Inhibition of apoptosis by intracellular protozoan parasites

Heussler, Volker; Küenzi, P; Rottenberg, S (2001). Inhibition of apoptosis by intracellular protozoan parasites. International journal for parasitology, 31(11), pp. 1166-1176. Elsevier 10.1016/S0020-7519(01)00271-5

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Protozoan parasites which reside inside a host cell avoid direct destruction by the immune system of the host. The infected cell, however, still has the capacity to counteract the invasive pathogen by initiating its own death, a process which is called programmed cell death or apoptosis. Apoptotic cells are recognised and phagocytosed by macrophages and the parasite is potentially eliminated together with the infected cell. This potent defence mechanism of the host cell puts strong selective pressure on the parasites which have, in turn, evolved strategies to modulate the apoptotic program of the host cell to their favour. Within the last decade, the existence of cellular signalling pathways which inhibit the apoptotic machinery has been demonstrated. It is not surprising that intracellular pathogens subvert these pathways to ensure their own survival in the infected cell. Molecular mechanisms which interfere with apoptotic pathways have been studied extensively for viruses and parasitic bacteria, but protozoan parasites have come into focus only recently. Intracellular protozoan parasites which have been reported to inhibit the apoptotic program of the host cell, are Toxoplasma gondii, Trypanosoma cruzi, Leishmania sp., Theileria sp., Cryptosporidium parvum, and the microsporidian Nosema algerae. Although these parasites differ in their mechanism of host cell entry and in their final intracellular localisation, they might activate similar pathways in their host cells to inhibit apoptosis. In this respect, two families of molecules, which are known for their capacity to interrupt the apoptotic program, are currently discussed in the literature. First, the expression of heat shock proteins is often induced upon parasite infection and can directly interfere with molecules of the cellular death machinery. Secondly, a more indirect effect is attributed to the parasite-dependent activation of NF-kappaB, a transcription factor that regulates the transcription of anti-apoptotic molecules.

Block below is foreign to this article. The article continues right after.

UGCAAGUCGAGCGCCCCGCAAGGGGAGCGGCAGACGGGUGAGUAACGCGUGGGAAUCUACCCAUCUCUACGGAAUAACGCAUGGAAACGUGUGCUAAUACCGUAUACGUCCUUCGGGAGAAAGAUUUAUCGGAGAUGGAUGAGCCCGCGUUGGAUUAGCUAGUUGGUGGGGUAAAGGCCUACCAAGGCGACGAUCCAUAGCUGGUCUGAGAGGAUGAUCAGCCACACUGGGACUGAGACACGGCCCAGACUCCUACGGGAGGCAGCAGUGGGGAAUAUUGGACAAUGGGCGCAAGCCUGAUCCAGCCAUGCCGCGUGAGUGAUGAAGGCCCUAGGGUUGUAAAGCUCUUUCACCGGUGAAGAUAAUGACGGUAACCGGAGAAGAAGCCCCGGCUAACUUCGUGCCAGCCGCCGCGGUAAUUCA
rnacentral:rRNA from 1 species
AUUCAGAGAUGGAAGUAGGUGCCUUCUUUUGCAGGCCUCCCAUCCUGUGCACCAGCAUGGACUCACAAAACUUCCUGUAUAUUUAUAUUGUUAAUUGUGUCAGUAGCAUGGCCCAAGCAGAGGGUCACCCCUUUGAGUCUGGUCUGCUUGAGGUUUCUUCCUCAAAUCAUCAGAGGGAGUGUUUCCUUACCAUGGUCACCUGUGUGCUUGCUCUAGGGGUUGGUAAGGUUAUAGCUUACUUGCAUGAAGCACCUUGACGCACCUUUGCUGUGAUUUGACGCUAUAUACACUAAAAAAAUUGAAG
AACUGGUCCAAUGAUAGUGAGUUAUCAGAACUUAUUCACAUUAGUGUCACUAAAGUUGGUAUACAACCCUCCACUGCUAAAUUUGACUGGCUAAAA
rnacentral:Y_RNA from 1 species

Item Type:

Journal Article (Original Article)

Division/Institute:

08 Faculty of Science > Department of Biology > Institute of Cell Biology
08 Faculty of Science > Department of Biology > Institute of Cell Biology > Malaria

UniBE Contributor:

Heussler, Volker

Subjects:

500 Science > 570 Life sciences; biology
500 Science

ISSN:

0020-7519

Publisher:

Elsevier

Language:

English

Submitter:

Volker Heussler

Date Deposited:

01 Jun 2016 14:35

Last Modified:

01 Jun 2016 14:35

Publisher DOI:

10.1016/S0020-7519(01)00271-5

PubMed ID:

11563357

BORIS DOI:

10.7892/boris.82251

URI:

https://boris.unibe.ch/id/eprint/82251

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